Plan and Organize Your Proposal before You Write

Sections of this topic

    Government grant proposals should go through a five-step writing process:

    • Plan: Think through your proposal sections.
    • Organize: Use the grant guidelines as your outlining guide.
    • Write: Write in a free-flowing manner.
    • Examine: Walk away from your writing and review it later while letting others review it too.
    • Revise: Emphasize clarity, conciseness, correctness, and persuasiveness.

    This posting, part one in a series, will discuss the first two steps:


    Proposal writers should take three simple-but-effective steps to plan their writing assignments: (1) define common terms – the government agency’s terms and your own; (2) use a planning worksheet to outline your sections; and (3) seek feedback early in the process.

    Define common terms

    • What are the features (details) of your service?
    • What are the benefits of your service?
    • What benefits are important to the evaluators?

    Develop a planning worksheet

    Your planning worksheet should help you identify the government agency’s main issues, your solution, your experience, and your performance.

    Seek feedback early

    Remember, you are part of a team! Use your colleagues to review your planning sheet and suggest improvements. This can be accomplished at a brainstorming session or through an individual review of your worksheet.

    If your planning process has gone well, every one of the proposal writers should have a detailed planning worksheet before they begin writing. Please note the emphasis on the word “before.”

    Too many proposals are written prematurely before the proposal team has carefully thought through what they are planning to present. If you write before you plan, you are very unlikely to develop a competitive proposal.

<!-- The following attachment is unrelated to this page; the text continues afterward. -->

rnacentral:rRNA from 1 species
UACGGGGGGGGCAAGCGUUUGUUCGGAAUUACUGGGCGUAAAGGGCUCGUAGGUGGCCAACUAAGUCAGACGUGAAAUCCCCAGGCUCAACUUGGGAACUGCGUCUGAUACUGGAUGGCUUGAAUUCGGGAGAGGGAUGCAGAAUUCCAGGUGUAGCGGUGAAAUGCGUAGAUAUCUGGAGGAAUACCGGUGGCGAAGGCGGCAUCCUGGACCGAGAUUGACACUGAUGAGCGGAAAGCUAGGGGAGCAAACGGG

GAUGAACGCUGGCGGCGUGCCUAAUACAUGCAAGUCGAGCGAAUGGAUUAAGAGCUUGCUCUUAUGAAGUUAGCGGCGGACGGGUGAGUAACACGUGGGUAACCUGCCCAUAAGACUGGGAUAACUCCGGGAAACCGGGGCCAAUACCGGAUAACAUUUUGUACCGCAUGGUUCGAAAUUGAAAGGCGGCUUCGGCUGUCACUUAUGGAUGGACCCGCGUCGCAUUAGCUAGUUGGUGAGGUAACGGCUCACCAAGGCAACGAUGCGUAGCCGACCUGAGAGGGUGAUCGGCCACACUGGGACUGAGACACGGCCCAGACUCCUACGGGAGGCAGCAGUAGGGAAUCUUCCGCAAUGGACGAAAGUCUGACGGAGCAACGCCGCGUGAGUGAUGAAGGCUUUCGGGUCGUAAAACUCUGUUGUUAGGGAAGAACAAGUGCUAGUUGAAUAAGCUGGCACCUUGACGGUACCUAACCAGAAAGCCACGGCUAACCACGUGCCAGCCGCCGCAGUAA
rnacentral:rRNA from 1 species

Resist the very human urge to start writing once you have read the grant guidelines. Step away from the computer keyboard! You must have a substantive outline before you write, and that can only be done through careful planning.


    Proposal writers should take three simple but effective steps to organize their writing assignments: (1) follow the fundamentals of the persuasive organization; (2) organize as instructed; and (3) organize around government agencies’ hot buttons.

    Follow the fundamentals of persuasive organization

    • Present information according to the government agency’s needs. Focus on providing a solution to the agency’s problem, listing benefits and evidence/proof.
    • Group similar ideas together.
    • Place the most important information first.
    • Keep introductions short.
    • Use headings to guide evaluators.

    Organize as instructed

    Follow the grant guidelines carefully when organizing your proposal narrative. Do not create your own outline – follow the grant guidelines literally.

    Organize around the customer/evaluator hot buttons

    • Acknowledge the government agency’s vision, challenges, objectives, and requirements.
    • Establish and prioritize the government agency’s needs and desired outcomes (hot buttons).
    • Present details of your solution in the same order as your prioritization of the government agency’s needs and desired outcomes. Emphasize the benefits to the government of your solution and provide proof that your solution is very likely to work.


    Dr. Jayme Sokolow, founder, and president of The Development Source, Inc.,
    helps nonprofit organizations develop successful proposals to government agencies. <a href=””>Contact Jayme Sokolow</a>.


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